Perfect Paper Space, Part 110 Apr, 2004 By: Lynn Allen
Here’s your map to paper space.
EVEN AFTER 12 YEARS, the most frequently requested articles are those on paper space. So, after many moons (and many pleas from readers), it's time to dust off these tips and update them to reflect the new features in AutoCAD 2005.
A great deal of confusion still surrounds paper space, as evidenced by the extremely large turnout at Autodesk University for the "Lost in Paper Space" class (perfectly taught by Dan Abbott). There are also many different theories regarding the proper route to perfect paper space. I'll attempt to present the pros and cons of all sides and let you decide what works best for you.
If you've so far ignored the world of paper space-for whatever reason-I implore you to stop living in denial and embrace the world of layouts. Though initially paper space was like a trip to the dentist, through the years Autodesk has removed the barriers, lightened the lingo, and made the transition from model to paper nearly painless. Paper space used to be hidden in the magical system variable TILEMODE, but now it's a simple click of a layout tab away.
Model Space: The Early Days
In the beginning, Autodesk invented model space and it was good. In model space you draw everything one to one, exactly the size it is in real life. You insert a border relative to the final scale factor of your drawing and multiply text heights, linetype, and dimension scale factors to accommodate this world of drawing one to one. When it's time to plot, you instruct AutoCAD to scale down your drawing to fit on the paper. We spend time multiplying up, only to turn around and divide back down.
In addition to the perpetual math equations, you also run into issues when you need to plot multiple views of a 3D object. Creating details means copying existing geometry and scaling it (more math and linetypes and dimension variables are a veritable labyrinth), and plotting at different scale factors becomes a nightmare.
Enter Paper Space (Layouts)
Many releases later (even I've forgotten which release), Autodesk created paper space and it was also good. Though a kludge at first, it's been fine-tuned over the years to become easier and easier to use. Viewports are the windows to geometry. You draw your text exactly the size you want it to plot, borders are inserted at the size you created them, and you get to plot 1-to-1. We have officially entered the world of WYSIWYG. The confusion enters when you try to figure out what geometry belongs in which world. There are still a few scale factors to contend with, layer issues, and more.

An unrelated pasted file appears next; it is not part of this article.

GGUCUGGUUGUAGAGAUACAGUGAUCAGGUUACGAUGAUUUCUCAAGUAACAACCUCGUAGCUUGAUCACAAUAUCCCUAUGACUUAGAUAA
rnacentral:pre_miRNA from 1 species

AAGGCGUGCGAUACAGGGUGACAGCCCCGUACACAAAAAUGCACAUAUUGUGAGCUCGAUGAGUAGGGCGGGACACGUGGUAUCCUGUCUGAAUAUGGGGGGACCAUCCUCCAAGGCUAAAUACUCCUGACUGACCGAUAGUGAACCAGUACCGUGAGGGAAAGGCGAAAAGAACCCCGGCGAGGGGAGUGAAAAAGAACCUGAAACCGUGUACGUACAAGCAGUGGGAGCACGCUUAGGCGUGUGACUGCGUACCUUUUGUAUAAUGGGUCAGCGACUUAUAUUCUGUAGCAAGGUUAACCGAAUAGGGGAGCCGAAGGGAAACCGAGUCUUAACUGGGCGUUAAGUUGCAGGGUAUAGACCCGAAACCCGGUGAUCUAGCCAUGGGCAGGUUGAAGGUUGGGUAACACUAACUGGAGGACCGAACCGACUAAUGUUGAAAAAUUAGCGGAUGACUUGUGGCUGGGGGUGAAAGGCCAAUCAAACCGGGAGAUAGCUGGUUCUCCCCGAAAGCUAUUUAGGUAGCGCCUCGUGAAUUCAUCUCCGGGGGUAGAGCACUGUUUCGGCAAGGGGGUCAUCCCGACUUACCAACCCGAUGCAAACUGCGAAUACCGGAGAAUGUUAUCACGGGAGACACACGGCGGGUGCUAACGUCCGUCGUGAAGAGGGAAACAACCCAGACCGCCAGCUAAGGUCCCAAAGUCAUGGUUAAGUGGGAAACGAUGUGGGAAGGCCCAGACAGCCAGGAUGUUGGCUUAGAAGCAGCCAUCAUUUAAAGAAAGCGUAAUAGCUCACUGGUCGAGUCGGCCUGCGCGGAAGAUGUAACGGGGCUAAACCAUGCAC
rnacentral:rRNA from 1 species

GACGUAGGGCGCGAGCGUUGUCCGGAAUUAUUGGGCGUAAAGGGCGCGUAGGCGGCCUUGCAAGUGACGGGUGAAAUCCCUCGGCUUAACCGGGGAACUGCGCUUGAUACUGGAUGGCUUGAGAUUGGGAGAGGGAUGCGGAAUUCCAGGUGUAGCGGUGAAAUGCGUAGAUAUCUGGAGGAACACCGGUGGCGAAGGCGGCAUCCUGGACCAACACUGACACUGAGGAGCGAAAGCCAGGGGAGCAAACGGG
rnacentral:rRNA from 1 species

Draw Your Design
When you begin a new drawing, you most likely find yourself in model space, as indicated by the model tab in the lower left corner of the drawing editor. Unless you've turned it off, the trusty UCS icon points out the x- and y-direction, and you're probably drawing on a black background. Most of your time is typically spent in model space. Here you create your geometry 1-to-1, exactly the size it is in real life, as mentioned earlier. Don't worry about annotations, title blocks, dimensions, hatches, and the like at this point. Just focus on the actual design geometry. When you've completed your design and need to print a drawing, that's the time to make the move to paper space. You can always return to model space later for any design changes.
Proceed to Paper Space
Select the first layout tab in the lower left corner of your drawing. Right-click on that tab to rename it to a more descriptive name such as Elevations or Site Details. After you select a layout tab, AutoCAD asks you to provide page setup information for your layout. Here you select a plotter, plot style table, a variety of plot options, and the final paper size in the Page Setup Manager. This is streamlined in AutoCAD 2005 (figure 1).